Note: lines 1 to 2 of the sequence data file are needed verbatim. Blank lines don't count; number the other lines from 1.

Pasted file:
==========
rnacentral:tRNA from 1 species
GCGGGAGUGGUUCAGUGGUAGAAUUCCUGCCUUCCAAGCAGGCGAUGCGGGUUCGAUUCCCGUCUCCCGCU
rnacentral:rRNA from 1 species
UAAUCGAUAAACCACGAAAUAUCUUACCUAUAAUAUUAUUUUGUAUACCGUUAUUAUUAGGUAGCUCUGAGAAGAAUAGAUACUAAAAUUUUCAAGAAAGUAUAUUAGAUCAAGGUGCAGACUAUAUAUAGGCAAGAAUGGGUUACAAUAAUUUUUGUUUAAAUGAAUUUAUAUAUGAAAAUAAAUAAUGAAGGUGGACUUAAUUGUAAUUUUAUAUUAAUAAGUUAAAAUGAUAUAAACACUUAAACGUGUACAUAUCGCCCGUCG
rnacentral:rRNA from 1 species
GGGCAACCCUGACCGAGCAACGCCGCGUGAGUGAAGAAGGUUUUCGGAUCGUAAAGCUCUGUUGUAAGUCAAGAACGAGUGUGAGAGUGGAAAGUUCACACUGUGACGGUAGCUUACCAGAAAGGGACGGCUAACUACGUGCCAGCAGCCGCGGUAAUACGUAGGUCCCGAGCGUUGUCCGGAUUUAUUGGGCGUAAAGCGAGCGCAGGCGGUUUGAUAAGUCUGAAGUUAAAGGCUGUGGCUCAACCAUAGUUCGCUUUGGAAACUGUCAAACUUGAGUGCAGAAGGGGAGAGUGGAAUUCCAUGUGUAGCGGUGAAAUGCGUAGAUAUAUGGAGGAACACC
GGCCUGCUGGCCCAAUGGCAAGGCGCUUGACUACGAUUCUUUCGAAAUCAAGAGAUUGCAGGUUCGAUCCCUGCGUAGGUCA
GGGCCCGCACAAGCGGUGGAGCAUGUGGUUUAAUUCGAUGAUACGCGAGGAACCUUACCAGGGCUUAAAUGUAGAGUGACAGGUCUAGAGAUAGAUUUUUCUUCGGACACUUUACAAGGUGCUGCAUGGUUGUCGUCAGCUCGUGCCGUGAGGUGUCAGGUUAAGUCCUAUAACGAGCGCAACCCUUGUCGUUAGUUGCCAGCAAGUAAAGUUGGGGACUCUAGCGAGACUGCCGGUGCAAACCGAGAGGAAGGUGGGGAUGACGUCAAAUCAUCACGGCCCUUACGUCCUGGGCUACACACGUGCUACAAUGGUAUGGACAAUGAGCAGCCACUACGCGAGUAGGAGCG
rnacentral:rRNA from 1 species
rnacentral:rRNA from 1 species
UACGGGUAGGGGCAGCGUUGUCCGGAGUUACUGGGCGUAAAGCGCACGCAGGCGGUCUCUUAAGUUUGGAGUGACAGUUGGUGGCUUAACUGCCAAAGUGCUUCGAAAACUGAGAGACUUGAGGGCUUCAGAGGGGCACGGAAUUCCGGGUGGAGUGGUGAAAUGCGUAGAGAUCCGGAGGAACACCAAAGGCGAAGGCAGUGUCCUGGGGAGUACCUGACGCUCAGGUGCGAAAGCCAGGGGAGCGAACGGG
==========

rnacentral:tRNA from 1 species
GCGGGAGUGGUUCAGUGGUAGAAUUCCUGCCUUCCAAGCAGGCGAUGCGGGUUCGAUUCCCGUCUCCCGCU